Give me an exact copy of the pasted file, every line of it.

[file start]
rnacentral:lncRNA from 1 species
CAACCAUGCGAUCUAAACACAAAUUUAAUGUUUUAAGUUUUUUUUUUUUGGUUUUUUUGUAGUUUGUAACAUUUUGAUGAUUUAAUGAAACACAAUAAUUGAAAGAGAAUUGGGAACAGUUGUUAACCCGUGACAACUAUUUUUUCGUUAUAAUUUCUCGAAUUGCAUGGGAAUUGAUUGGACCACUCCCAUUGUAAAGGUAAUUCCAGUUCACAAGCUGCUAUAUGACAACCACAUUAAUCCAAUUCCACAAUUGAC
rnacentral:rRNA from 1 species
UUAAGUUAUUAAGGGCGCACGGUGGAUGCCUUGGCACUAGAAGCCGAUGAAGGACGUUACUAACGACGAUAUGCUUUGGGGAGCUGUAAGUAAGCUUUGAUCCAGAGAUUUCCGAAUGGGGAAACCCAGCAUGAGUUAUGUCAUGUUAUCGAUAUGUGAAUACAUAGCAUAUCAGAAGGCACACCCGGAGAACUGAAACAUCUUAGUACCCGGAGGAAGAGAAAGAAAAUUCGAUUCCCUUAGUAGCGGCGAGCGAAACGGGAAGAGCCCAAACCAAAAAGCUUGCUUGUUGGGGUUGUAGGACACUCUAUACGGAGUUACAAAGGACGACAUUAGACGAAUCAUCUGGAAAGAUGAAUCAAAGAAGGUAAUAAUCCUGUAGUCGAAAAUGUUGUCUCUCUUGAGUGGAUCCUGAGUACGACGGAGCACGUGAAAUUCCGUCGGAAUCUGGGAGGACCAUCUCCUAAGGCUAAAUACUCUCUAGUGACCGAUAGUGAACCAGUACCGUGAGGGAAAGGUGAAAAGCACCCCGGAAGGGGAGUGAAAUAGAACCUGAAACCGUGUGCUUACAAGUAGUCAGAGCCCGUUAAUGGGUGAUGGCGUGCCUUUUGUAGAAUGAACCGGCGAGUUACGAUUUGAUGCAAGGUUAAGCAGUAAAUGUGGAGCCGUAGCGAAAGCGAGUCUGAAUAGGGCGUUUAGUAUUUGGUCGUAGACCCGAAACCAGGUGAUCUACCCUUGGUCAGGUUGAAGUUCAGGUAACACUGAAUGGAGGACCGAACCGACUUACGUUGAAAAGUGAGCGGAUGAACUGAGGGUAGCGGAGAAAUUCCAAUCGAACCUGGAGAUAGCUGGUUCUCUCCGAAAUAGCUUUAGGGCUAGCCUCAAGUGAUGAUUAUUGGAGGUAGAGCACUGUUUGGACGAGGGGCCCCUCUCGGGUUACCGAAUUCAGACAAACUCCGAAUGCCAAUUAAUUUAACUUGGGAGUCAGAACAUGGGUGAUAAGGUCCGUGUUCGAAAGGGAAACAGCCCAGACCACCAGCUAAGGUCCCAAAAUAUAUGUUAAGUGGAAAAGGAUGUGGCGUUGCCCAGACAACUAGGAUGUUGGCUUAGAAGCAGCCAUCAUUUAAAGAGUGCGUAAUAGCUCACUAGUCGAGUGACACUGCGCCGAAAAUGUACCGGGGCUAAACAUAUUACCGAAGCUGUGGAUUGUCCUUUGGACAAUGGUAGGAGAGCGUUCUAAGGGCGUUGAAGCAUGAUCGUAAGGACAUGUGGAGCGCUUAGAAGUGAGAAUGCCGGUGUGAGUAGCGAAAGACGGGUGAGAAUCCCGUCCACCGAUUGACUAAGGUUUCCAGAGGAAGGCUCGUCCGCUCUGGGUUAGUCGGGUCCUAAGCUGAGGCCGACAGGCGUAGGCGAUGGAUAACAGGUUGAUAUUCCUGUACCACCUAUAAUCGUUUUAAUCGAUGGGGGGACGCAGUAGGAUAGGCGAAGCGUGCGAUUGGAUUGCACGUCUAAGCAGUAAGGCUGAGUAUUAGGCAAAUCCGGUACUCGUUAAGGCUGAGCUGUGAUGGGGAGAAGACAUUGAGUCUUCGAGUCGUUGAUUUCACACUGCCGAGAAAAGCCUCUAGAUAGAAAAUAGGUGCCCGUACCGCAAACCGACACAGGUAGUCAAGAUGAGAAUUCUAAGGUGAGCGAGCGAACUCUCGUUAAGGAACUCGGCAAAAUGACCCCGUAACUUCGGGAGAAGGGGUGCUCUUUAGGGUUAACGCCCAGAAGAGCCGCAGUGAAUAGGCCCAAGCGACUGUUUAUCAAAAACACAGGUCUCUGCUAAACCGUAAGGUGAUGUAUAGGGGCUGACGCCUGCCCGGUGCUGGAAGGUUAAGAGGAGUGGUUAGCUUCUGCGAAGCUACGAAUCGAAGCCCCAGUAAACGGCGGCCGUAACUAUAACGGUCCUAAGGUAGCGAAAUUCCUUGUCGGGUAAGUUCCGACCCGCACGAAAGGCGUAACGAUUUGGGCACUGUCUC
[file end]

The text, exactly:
rnacentral:lncRNA from 1 species
CAACCAUGCGAUCUAAACACAAAUUUAAUGUUUUAAGUUUUUUUUUUUUGGUUUUUUUGUAGUUUGUAACAUUUUGAUGAUUUAAUGAAACACAAUAAUUGAAAGAGAAUUGGGAACAGUUGUUAACCCGUGACAACUAUUUUUUCGUUAUAAUUUCUCGAAUUGCAUGGGAAUUGAUUGGACCACUCCCAUUGUAAAGGUAAUUCCAGUUCACAAGCUGCUAUAUGACAACCACAUUAAUCCAAUUCCACAAUUGAC
rnacentral:rRNA from 1 species
UUAAGUUAUUAAGGGCGCACGGUGGAUGCCUUGGCACUAGAAGCCGAUGAAGGACGUUACUAACGACGAUAUGCUUUGGGGAGCUGUAAGUAAGCUUUGAUCCAGAGAUUUCCGAAUGGGGAAACCCAGCAUGAGUUAUGUCAUGUUAUCGAUAUGUGAAUACAUAGCAUAUCAGAAGGCACACCCGGAGAACUGAAACAUCUUAGUACCCGGAGGAAGAGAAAGAAAAUUCGAUUCCCUUAGUAGCGGCGAGCGAAACGGGAAGAGCCCAAACCAAAAAGCUUGCUUGUUGGGGUUGUAGGACACUCUAUACGGAGUUACAAAGGACGACAUUAGACGAAUCAUCUGGAAAGAUGAAUCAAAGAAGGUAAUAAUCCUGUAGUCGAAAAUGUUGUCUCUCUUGAGUGGAUCCUGAGUACGACGGAGCACGUGAAAUUCCGUCGGAAUCUGGGAGGACCAUCUCCUAAGGCUAAAUACUCUCUAGUGACCGAUAGUGAACCAGUACCGUGAGGGAAAGGUGAAAAGCACCCCGGAAGGGGAGUGAAAUAGAACCUGAAACCGUGUGCUUACAAGUAGUCAGAGCCCGUUAAUGGGUGAUGGCGUGCCUUUUGUAGAAUGAACCGGCGAGUUACGAUUUGAUGCAAGGUUAAGCAGUAAAUGUGGAGCCGUAGCGAAAGCGAGUCUGAAUAGGGCGUUUAGUAUUUGGUCGUAGACCCGAAACCAGGUGAUCUACCCUUGGUCAGGUUGAAGUUCAGGUAACACUGAAUGGAGGACCGAACCGACUUACGUUGAAAAGUGAGCGGAUGAACUGAGGGUAGCGGAGAAAUUCCAAUCGAACCUGGAGAUAGCUGGUUCUCUCCGAAAUAGCUUUAGGGCUAGCCUCAAGUGAUGAUUAUUGGAGGUAGAGCACUGUUUGGACGAGGGGCCCCUCUCGGGUUACCGAAUUCAGACAAACUCCGAAUGCCAAUUAAUUUAACUUGGGAGUCAGAACAUGGGUGAUAAGGUCCGUGUUCGAAAGGGAAACAGCCCAGACCACCAGCUAAGGUCCCAAAAUAUAUGUUAAGUGGAAAAGGAUGUGGCGUUGCCCAGACAACUAGGAUGUUGGCUUAGAAGCAGCCAUCAUUUAAAGAGUGCGUAAUAGCUCACUAGUCGAGUGACACUGCGCCGAAAAUGUACCGGGGCUAAACAUAUUACCGAAGCUGUGGAUUGUCCUUUGGACAAUGGUAGGAGAGCGUUCUAAGGGCGUUGAAGCAUGAUCGUAAGGACAUGUGGAGCGCUUAGAAGUGAGAAUGCCGGUGUGAGUAGCGAAAGACGGGUGAGAAUCCCGUCCACCGAUUGACUAAGGUUUCCAGAGGAAGGCUCGUCCGCUCUGGGUUAGUCGGGUCCUAAGCUGAGGCCGACAGGCGUAGGCGAUGGAUAACAGGUUGAUAUUCCUGUACCACCUAUAAUCGUUUUAAUCGAUGGGGGGACGCAGUAGGAUAGGCGAAGCGUGCGAUUGGAUUGCACGUCUAAGCAGUAAGGCUGAGUAUUAGGCAAAUCCGGUACUCGUUAAGGCUGAGCUGUGAUGGGGAGAAGACAUUGAGUCUUCGAGUCGUUGAUUUCACACUGCCGAGAAAAGCCUCUAGAUAGAAAAUAGGUGCCCGUACCGCAAACCGACACAGGUAGUCAAGAUGAGAAUUCUAAGGUGAGCGAGCGAACUCUCGUUAAGGAACUCGGCAAAAUGACCCCGUAACUUCGGGAGAAGGGGUGCUCUUUAGGGUUAACGCCCAGAAGAGCCGCAGUGAAUAGGCCCAAGCGACUGUUUAUCAAAAACACAGGUCUCUGCUAAACCGUAAGGUGAUGUAUAGGGGCUGACGCCUGCCCGGUGCUGGAAGGUUAAGAGGAGUGGUUAGCUUCUGCGAAGCUACGAAUCGAAGCCCCAGUAAACGGCGGCCGUAACUAUAACGGUCCUAAGGUAGCGAAAUUCCUUGUCGGGUAAGUUCCGACCCGCACGAAAGGCGUAACGAUUUGGGCACUGUCUC